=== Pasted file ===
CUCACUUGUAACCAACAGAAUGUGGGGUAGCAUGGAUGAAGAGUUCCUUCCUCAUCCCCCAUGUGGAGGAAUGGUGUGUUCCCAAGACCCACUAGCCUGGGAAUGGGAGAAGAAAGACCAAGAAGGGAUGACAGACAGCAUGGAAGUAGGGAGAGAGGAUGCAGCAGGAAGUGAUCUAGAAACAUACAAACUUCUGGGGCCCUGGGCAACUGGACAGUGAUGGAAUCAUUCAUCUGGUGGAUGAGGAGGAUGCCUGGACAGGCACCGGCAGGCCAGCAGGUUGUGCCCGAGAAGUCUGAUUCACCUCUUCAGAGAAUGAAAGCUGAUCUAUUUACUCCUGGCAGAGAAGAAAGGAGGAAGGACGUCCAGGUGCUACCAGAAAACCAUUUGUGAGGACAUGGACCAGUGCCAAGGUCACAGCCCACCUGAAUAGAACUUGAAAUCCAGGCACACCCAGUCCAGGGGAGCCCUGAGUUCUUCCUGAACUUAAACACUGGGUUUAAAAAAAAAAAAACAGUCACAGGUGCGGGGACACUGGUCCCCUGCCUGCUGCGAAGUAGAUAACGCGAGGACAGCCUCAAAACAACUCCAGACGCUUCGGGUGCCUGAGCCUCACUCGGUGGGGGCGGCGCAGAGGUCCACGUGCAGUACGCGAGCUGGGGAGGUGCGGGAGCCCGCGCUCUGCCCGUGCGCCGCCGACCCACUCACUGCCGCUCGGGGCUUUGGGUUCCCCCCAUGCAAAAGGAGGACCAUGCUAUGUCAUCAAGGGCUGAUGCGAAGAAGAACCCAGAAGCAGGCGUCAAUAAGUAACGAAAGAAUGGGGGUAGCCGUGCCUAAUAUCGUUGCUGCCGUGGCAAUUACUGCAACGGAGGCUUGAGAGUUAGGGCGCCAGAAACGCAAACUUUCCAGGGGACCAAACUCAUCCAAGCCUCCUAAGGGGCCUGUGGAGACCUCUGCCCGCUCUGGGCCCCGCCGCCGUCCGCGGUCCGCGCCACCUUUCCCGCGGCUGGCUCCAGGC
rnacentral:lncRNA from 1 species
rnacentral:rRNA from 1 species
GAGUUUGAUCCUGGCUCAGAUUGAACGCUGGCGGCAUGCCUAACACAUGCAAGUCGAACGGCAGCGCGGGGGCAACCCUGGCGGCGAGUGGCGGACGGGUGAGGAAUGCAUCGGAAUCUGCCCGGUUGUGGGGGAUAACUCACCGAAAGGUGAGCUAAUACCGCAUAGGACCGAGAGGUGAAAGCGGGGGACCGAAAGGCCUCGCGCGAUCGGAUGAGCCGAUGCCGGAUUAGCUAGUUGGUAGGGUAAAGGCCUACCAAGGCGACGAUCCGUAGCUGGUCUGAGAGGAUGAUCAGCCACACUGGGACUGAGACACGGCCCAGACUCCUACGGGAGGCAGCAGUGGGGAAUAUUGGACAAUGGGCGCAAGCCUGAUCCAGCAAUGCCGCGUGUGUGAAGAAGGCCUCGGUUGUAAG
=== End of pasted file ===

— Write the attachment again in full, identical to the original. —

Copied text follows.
CUCACUUGUAACCAACAGAAUGUGGGGUAGCAUGGAUGAAGAGUUCCUUCCUCAUCCCCCAUGUGGAGGAAUGGUGUGUUCCCAAGACCCACUAGCCUGGGAAUGGGAGAAGAAAGACCAAGAAGGGAUGACAGACAGCAUGGAAGUAGGGAGAGAGGAUGCAGCAGGAAGUGAUCUAGAAACAUACAAACUUCUGGGGCCCUGGGCAACUGGACAGUGAUGGAAUCAUUCAUCUGGUGGAUGAGGAGGAUGCCUGGACAGGCACCGGCAGGCCAGCAGGUUGUGCCCGAGAAGUCUGAUUCACCUCUUCAGAGAAUGAAAGCUGAUCUAUUUACUCCUGGCAGAGAAGAAAGGAGGAAGGACGUCCAGGUGCUACCAGAAAACCAUUUGUGAGGACAUGGACCAGUGCCAAGGUCACAGCCCACCUGAAUAGAACUUGAAAUCCAGGCACACCCAGUCCAGGGGAGCCCUGAGUUCUUCCUGAACUUAAACACUGGGUUUAAAAAAAAAAAAACAGUCACAGGUGCGGGGACACUGGUCCCCUGCCUGCUGCGAAGUAGAUAACGCGAGGACAGCCUCAAAACAACUCCAGACGCUUCGGGUGCCUGAGCCUCACUCGGUGGGGGCGGCGCAGAGGUCCACGUGCAGUACGCGAGCUGGGGAGGUGCGGGAGCCCGCGCUCUGCCCGUGCGCCGCCGACCCACUCACUGCCGCUCGGGGCUUUGGGUUCCCCCCAUGCAAAAGGAGGACCAUGCUAUGUCAUCAAGGGCUGAUGCGAAGAAGAACCCAGAAGCAGGCGUCAAUAAGUAACGAAAGAAUGGGGGUAGCCGUGCCUAAUAUCGUUGCUGCCGUGGCAAUUACUGCAACGGAGGCUUGAGAGUUAGGGCGCCAGAAACGCAAACUUUCCAGGGGACCAAACUCAUCCAAGCCUCCUAAGGGGCCUGUGGAGACCUCUGCCCGCUCUGGGCCCCGCCGCCGUCCGCGGUCCGCGCCACCUUUCCCGCGGCUGGCUCCAGGC
rnacentral:lncRNA from 1 species
rnacentral:rRNA from 1 species
GAGUUUGAUCCUGGCUCAGAUUGAACGCUGGCGGCAUGCCUAACACAUGCAAGUCGAACGGCAGCGCGGGGGCAACCCUGGCGGCGAGUGGCGGACGGGUGAGGAAUGCAUCGGAAUCUGCCCGGUUGUGGGGGAUAACUCACCGAAAGGUGAGCUAAUACCGCAUAGGACCGAGAGGUGAAAGCGGGGGACCGAAAGGCCUCGCGCGAUCGGAUGAGCCGAUGCCGGAUUAGCUAGUUGGUAGGGUAAAGGCCUACCAAGGCGACGAUCCGUAGCUGGUCUGAGAGGAUGAUCAGCCACACUGGGACUGAGACACGGCCCAGACUCCUACGGGAGGCAGCAGUGGGGAAUAUUGGACAAUGGGCGCAAGCCUGAUCCAGCAAUGCCGCGUGUGUGAAGAAGGCCUCGGUUGUAAG